I can’t get this incident out of my head. It’s shaken me, no doubt. The MTA needs to get their act together. MTA + police need to establish rules of conduct for both victims and bystanders and a real system with subway car intercoms/live video feed/policemen at each station– an interception system for effectively catching perpetrators of crimes before leaving the subway station.

4 comments 
demonstration, Verbal

Claire’s story: Cat calls are still harassment!

I was at the Halloween Parade in 2007 walking to my dorm alone among a large crowd of people. A man walked next to me and began eyeing my chest and making cat calls noises. He was right next to me, and since the crowd was tightly packed, he followed me until I got to my street. I ignored him and went into a store near my apartment and waited for him to go away. I was prepared to call 311 to ask an officer to drive by while I walked into my apartment building, but the man left before I got a chance to. If this happens again, I will definitely call 311. Please do the same! It is an incredibly powerful tool that costs nothing!

no comments 
demonstration, Verbal

Nallely’s story: Women are much more than “containers”!

Hi-

 I live in Mexico in the state of Morelos, I studied a computer science degree and my colleagues always bothered me for that, they would  say that women can not understand anything about computers. To his misfortune I was much more, they would bother me continuously every day.  Sometimes I would answer and say” I’m tired ” but I stayed strong and did not stooped to their level. What’s worse is that some teachers are equal and have come to throw me down and classifieds us as ” containers”  because they believe that women have the babies and  only serve containers and not anything else. Well then I hope that this site is helpful. Greetings to all and thank you very much!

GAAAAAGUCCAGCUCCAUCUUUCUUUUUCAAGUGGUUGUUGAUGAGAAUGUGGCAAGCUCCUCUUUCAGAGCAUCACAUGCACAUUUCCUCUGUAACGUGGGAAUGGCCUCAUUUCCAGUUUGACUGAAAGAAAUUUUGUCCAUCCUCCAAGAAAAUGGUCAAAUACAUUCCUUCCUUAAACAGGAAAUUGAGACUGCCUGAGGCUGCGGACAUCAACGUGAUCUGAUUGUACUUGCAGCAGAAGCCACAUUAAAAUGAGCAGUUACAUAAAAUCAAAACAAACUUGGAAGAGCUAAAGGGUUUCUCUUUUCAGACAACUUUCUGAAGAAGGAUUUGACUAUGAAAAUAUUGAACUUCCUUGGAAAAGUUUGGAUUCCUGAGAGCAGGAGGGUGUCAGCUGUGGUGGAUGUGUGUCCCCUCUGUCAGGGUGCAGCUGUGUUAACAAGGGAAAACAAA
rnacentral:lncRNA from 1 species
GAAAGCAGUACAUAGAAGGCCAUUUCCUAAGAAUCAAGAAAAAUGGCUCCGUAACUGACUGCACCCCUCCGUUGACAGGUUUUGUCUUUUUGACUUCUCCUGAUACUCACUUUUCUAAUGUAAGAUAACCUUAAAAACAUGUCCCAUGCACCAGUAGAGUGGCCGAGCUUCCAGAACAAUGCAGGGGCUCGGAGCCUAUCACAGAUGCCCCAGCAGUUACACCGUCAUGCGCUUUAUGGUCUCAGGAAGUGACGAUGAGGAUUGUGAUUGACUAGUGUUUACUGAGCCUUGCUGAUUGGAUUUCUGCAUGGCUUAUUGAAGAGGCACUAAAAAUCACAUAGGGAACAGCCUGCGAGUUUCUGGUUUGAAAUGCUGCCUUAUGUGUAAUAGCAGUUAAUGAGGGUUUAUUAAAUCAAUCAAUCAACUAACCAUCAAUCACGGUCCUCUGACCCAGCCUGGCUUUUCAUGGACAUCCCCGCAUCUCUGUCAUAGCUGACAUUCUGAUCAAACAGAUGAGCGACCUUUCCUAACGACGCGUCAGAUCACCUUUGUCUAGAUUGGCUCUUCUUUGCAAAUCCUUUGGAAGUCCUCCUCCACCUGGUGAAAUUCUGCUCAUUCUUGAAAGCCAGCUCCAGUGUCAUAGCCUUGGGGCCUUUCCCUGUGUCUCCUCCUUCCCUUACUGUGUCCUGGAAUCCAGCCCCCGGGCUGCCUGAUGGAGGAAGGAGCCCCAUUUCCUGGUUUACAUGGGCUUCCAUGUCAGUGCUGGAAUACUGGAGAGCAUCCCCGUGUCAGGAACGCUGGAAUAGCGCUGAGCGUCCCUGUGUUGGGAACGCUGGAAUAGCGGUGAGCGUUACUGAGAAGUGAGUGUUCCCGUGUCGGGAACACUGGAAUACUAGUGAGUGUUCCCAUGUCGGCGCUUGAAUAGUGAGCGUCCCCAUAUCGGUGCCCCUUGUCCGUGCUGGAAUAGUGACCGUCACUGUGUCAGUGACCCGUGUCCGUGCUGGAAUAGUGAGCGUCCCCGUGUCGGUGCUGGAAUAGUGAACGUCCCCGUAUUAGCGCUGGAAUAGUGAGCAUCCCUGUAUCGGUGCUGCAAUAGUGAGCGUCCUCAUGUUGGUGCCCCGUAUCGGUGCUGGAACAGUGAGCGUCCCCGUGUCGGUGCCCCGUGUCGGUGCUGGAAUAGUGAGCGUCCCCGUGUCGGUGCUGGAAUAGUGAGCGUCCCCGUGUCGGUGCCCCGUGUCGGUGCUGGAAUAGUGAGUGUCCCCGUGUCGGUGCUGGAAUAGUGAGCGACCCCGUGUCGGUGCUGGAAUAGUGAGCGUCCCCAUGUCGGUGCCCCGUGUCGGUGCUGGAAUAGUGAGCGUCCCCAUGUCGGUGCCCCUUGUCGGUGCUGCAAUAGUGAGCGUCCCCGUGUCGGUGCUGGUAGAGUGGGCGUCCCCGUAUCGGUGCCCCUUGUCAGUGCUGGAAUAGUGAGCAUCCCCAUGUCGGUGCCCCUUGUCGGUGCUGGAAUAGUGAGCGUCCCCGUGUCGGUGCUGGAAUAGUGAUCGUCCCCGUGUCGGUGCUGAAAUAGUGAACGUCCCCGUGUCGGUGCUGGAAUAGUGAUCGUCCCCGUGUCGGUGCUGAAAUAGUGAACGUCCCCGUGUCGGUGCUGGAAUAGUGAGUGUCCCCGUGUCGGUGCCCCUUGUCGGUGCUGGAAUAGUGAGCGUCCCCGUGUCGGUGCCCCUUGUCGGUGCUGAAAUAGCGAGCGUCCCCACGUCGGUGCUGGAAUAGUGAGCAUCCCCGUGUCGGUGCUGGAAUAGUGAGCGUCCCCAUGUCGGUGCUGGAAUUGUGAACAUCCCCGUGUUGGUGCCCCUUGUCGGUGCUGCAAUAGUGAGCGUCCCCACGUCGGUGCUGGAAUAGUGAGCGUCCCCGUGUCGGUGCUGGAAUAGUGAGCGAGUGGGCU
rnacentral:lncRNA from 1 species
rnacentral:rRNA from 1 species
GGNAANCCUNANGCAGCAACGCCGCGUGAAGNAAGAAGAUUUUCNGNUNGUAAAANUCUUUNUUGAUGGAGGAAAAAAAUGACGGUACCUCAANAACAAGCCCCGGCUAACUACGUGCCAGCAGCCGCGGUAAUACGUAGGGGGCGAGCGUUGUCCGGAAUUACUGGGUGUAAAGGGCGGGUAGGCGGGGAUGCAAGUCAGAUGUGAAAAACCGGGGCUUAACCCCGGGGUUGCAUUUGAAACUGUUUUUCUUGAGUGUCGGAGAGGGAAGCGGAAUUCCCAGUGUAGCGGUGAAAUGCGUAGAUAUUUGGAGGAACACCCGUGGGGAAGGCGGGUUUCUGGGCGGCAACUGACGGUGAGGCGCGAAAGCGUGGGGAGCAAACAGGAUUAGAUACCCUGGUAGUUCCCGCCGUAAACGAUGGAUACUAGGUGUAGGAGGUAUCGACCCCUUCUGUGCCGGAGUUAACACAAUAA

one comment 
demonstration, Verbal

Tabby’s story: “So cheers guys, totally ruined my night …”

Me and my little sister (21 and 18) were walking through town on our way to a night out. As we walked up the corner, her slightly ahead of me, some “lads” started shouting at me from their taxi…”nice arse” etc. I ignored them and we carried on walking, as the taxi pulled round the corner, the boys leaned out the window and now seeing both me and my sister for the first time, shouted at me “not you love, you’re ugly! but the other one, you’re fit! i’d shag you.”